Compaq: Fiorina's Folly Or HP's Only Way Out?

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Fiorina, who once noted that "all Compaq has done is follow our strategy by nine months, to the letter," is now doing her best to mend wounds. Her most telling act last week was to send a honey-coated e-mail to all Compaq employees, acknowledging the "surprise and fear" they might be feeling and professing her "deep respect for Compaq: your tenacity, your resilience, your drive, your commitment." It was signed "Warm regards, Carly." Whether that goes down well as Compaq suffers its portion of the predicted 15,000 layoffs--totaling roughly 10% of the combined company--remains to be seen.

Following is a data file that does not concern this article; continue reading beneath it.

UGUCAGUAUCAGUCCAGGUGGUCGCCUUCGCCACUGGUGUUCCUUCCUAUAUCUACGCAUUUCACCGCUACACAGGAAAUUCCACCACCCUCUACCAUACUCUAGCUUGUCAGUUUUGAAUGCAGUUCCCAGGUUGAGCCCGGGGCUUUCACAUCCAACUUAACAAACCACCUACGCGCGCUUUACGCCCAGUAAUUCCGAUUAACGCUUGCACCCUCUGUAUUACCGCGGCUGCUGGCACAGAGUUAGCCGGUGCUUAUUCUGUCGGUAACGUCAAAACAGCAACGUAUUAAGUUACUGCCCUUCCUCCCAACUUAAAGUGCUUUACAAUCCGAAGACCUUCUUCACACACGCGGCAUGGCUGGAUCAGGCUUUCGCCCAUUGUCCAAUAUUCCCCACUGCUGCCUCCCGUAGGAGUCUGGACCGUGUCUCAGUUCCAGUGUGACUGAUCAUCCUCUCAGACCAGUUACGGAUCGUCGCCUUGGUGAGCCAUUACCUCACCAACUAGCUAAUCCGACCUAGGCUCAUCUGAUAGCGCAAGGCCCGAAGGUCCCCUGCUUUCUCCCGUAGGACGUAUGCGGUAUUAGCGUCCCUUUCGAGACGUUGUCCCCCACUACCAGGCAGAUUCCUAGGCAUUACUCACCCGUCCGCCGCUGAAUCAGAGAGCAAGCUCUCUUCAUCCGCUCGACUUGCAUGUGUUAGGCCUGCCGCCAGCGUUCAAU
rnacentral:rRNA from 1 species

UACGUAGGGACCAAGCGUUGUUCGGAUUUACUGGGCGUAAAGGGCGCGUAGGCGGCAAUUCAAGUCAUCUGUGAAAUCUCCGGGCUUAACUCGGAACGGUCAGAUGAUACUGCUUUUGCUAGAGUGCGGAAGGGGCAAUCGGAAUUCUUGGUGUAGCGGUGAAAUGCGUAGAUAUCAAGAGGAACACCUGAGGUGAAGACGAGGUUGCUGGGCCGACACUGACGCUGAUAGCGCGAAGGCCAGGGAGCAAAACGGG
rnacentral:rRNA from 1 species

Compaq's best asset may well be Fiorina's most trusted subject--Capellas, the chief executive who negotiated the deal with her over the past 18 months and will become HP's president. In contrast to their companies, Fiorina and Capellas have a relationship as complementary as it is cozy. "She is forward looking and charismatic; he's more of a nuts-and-bolts operations guy," says Rob Enderle, West Coast research fellow for Giga Information Group. "That can make for an extremely powerful team, assuming he relocates to California. This cannot be done remotely. They have to be joined at the hip."

No one at Compaq or HP seems to be under any illusion about the arduous tasks ahead--blending their cultures, cutting costs ruthlessly (the target is $2.5 billion by 2004) and cracking the services market. Compaq founder Canion, for one, is cautiously optimistic. "These are strong companies being judged in a tough time," he says. At the very least, his baby's new mom has managed to defer judgment for a little while longer.

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